Summer is coming and that means it's time to barbecue. Grilling out is an American pastime and something that people have done for decades — well, millennia if we're talking open fire, but let's stick to the backyard 'cue, shall we?
Barbecuing is so popular that 80% of all U.S. homes own a grill, and nearly 100% use their grills at least once a year, according to a 2013 study by the Hearth, Patio & Barbecue Association (HPBA).
You can grill on a charcoal or gas fire, open hearth, electric grill or even a smoker. But no matter how you want to grill, you have to know what you're doing — and that's not always easy. So we reached out to some experts to get tips not only about the best types of meat and seafood to grill, but how to best prepare them.
Essential Grilling Tools
There is an inordinate number of tools and accessories you can get for your grill —lights, basting pots, monogrammed tool kits, telescoping skewers. If you think you need something, chances are someone has thought to create it. But Jack Vogt, the pit master for Tony Roma's, says there are a few essential grilling tools:
- Tongs: Long-handled stainless steel tongs help you turn the meat without burning your hands. Most grilling experts will tell you to stay away from using a meat fork.
- Meat Thermometer: This helps to ensure your meat is properly cooked and lets you know when to remove it from the grill. While Vogt suggests a thermometer, some grill masters shun poking the meat and use a touch technique to determine doneness. Rare to medium rare will feel spongy; medium will be springy; and medium well to well-done will be firm or taut to the touch.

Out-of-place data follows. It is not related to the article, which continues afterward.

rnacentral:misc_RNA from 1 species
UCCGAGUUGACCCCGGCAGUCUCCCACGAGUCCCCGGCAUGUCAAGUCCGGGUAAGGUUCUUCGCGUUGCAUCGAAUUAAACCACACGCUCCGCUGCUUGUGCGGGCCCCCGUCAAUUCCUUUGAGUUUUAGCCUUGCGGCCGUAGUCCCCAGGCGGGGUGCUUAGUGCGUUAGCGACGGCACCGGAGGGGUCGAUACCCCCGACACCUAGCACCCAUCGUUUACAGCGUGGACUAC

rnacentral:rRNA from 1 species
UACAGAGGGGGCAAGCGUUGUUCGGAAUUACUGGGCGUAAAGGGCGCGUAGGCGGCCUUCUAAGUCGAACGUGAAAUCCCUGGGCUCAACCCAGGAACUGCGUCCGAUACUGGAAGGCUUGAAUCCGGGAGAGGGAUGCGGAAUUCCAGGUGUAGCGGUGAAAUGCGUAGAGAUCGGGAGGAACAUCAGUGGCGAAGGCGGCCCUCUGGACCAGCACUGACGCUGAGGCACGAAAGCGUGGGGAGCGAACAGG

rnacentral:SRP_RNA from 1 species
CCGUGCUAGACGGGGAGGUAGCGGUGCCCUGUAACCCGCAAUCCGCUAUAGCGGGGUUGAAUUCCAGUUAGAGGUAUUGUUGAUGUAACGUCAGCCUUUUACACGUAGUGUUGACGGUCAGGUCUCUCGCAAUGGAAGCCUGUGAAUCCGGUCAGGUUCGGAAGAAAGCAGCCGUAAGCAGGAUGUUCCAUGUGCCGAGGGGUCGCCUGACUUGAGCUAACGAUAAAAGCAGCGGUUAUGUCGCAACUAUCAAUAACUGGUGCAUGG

- Grill Brush: A grill brush with a long handle and stainless steel bristles helps remove any germs and residue that may build up on the grate. Keeping your grill brushed clean helps reduce excess smoke, flare-ups and uneven heat from cooked-on food.
10 General Grilling Tips
Regardless of what you're grilling, here are a few simple tips to give you good results:
- Always use a clean, hot grill.
- Use high-quality meat and seafood.
- Use minimal ingredients and let the flavor of the meat or seafood shine through.
- Help keep food from sticking to the grill by rubbing vegetable oil on cooler grates with an old kitchen towel.
- Control the heat by leaving the lid open for thinner cuts, but closing it for cuts more than three-quarters of an inch thick to allow trapping the heat and evenly cooking all around.
- Watch your food — nothing kills dinner faster than charred food.
- Use lower heat to grill fish, chicken, vegetables and even fruit (grilled peaches in summer? Yes!).
- Trim excess fat from meat to prevent it from burning off, dripping into the flames and causing flare-ups.
- High-sugar sauces and marinades can cause more flare-ups, which can burn your food. Apply them toward the end of grilling for flavor.
- Put grilled food onto a clean plate, not one that held raw meat.
Tips for Picking Out and Grilling Meat
If you're thinking about pork ribs, pork shoulder, beef brisket or whole chickens, Vogt suggests "low and slow barbecue smoking," but that doesn't mean you can't throw a rack of baby back ribs onto your grill. He says steak, chops and chicken breasts are best for grilling. So what should you buy? Vogt offers up some suggestions:
- Baby back ribs: These lean, tender rib cuts offer a lot of flavor and grill up fairly quickly.